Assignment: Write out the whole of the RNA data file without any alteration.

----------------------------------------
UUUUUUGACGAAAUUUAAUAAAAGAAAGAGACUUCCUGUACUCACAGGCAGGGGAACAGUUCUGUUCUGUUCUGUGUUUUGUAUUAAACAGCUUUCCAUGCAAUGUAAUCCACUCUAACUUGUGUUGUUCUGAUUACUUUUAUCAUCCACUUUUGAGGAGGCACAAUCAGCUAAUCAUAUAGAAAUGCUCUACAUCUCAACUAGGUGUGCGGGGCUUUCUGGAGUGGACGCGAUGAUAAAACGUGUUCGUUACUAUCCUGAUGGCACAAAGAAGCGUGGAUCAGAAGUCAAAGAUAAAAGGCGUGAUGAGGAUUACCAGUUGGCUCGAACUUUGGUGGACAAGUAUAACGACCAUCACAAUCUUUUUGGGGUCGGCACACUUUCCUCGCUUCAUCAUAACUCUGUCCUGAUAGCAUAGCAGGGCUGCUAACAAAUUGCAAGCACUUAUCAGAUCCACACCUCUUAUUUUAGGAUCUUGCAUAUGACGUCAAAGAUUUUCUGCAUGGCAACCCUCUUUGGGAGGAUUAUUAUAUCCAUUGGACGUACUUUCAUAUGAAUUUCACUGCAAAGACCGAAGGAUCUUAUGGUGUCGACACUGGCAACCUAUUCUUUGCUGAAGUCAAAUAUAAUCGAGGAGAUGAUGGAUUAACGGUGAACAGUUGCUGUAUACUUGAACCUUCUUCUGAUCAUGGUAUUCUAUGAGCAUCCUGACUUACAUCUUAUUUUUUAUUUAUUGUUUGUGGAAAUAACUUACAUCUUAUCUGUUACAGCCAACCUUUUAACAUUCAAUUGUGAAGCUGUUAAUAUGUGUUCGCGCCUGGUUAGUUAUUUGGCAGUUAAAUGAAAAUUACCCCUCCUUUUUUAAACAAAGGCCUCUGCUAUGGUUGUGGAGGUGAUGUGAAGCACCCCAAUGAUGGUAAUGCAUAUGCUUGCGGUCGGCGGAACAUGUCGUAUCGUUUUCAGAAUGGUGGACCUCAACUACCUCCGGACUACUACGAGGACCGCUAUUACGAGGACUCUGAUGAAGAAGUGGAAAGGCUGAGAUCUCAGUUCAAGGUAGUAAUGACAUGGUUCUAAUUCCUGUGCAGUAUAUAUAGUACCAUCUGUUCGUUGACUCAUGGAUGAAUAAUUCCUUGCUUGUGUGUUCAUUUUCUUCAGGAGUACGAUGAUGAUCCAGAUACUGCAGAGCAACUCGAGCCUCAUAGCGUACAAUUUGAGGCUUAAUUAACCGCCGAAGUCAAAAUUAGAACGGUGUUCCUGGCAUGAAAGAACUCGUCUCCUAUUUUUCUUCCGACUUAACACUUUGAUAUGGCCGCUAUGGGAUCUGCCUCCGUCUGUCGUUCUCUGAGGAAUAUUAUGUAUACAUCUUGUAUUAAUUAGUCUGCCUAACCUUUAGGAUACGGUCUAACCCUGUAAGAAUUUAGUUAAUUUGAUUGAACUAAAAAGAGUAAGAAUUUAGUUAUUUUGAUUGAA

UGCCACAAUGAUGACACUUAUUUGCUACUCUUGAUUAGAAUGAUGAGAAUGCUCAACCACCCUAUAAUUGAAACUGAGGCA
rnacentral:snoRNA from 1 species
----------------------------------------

UUUUUUGACGAAAUUUAAUAAAAGAAAGAGACUUCCUGUACUCACAGGCAGGGGAACAGUUCUGUUCUGUUCUGUGUUUUGUAUUAAACAGCUUUCCAUGCAAUGUAAUCCACUCUAACUUGUGUUGUUCUGAUUACUUUUAUCAUCCACUUUUGAGGAGGCACAAUCAGCUAAUCAUAUAGAAAUGCUCUACAUCUCAACUAGGUGUGCGGGGCUUUCUGGAGUGGACGCGAUGAUAAAACGUGUUCGUUACUAUCCUGAUGGCACAAAGAAGCGUGGAUCAGAAGUCAAAGAUAAAAGGCGUGAUGAGGAUUACCAGUUGGCUCGAACUUUGGUGGACAAGUAUAACGACCAUCACAAUCUUUUUGGGGUCGGCACACUUUCCUCGCUUCAUCAUAACUCUGUCCUGAUAGCAUAGCAGGGCUGCUAACAAAUUGCAAGCACUUAUCAGAUCCACACCUCUUAUUUUAGGAUCUUGCAUAUGACGUCAAAGAUUUUCUGCAUGGCAACCCUCUUUGGGAGGAUUAUUAUAUCCAUUGGACGUACUUUCAUAUGAAUUUCACUGCAAAGACCGAAGGAUCUUAUGGUGUCGACACUGGCAACCUAUUCUUUGCUGAAGUCAAAUAUAAUCGAGGAGAUGAUGGAUUAACGGUGAACAGUUGCUGUAUACUUGAACCUUCUUCUGAUCAUGGUAUUCUAUGAGCAUCCUGACUUACAUCUUAUUUUUUAUUUAUUGUUUGUGGAAAUAACUUACAUCUUAUCUGUUACAGCCAACCUUUUAACAUUCAAUUGUGAAGCUGUUAAUAUGUGUUCGCGCCUGGUUAGUUAUUUGGCAGUUAAAUGAAAAUUACCCCUCCUUUUUUAAACAAAGGCCUCUGCUAUGGUUGUGGAGGUGAUGUGAAGCACCCCAAUGAUGGUAAUGCAUAUGCUUGCGGUCGGCGGAACAUGUCGUAUCGUUUUCAGAAUGGUGGACCUCAACUACCUCCGGACUACUACGAGGACCGCUAUUACGAGGACUCUGAUGAAGAAGUGGAAAGGCUGAGAUCUCAGUUCAAGGUAGUAAUGACAUGGUUCUAAUUCCUGUGCAGUAUAUAUAGUACCAUCUGUUCGUUGACUCAUGGAUGAAUAAUUCCUUGCUUGUGUGUUCAUUUUCUUCAGGAGUACGAUGAUGAUCCAGAUACUGCAGAGCAACUCGAGCCUCAUAGCGUACAAUUUGAGGCUUAAUUAACCGCCGAAGUCAAAAUUAGAACGGUGUUCCUGGCAUGAAAGAACUCGUCUCCUAUUUUUCUUCCGACUUAACACUUUGAUAUGGCCGCUAUGGGAUCUGCCUCCGUCUGUCGUUCUCUGAGGAAUAUUAUGUAUACAUCUUGUAUUAAUUAGUCUGCCUAACCUUUAGGAUACGGUCUAACCCUGUAAGAAUUUAGUUAAUUUGAUUGAACUAAAAAGAGUAAGAAUUUAGUUAUUUUGAUUGAA

UGCCACAAUGAUGACACUUAUUUGCUACUCUUGAUUAGAAUGAUGAGAAUGCUCAACCACCCUAUAAUUGAAACUGAGGCA
rnacentral:snoRNA from 1 species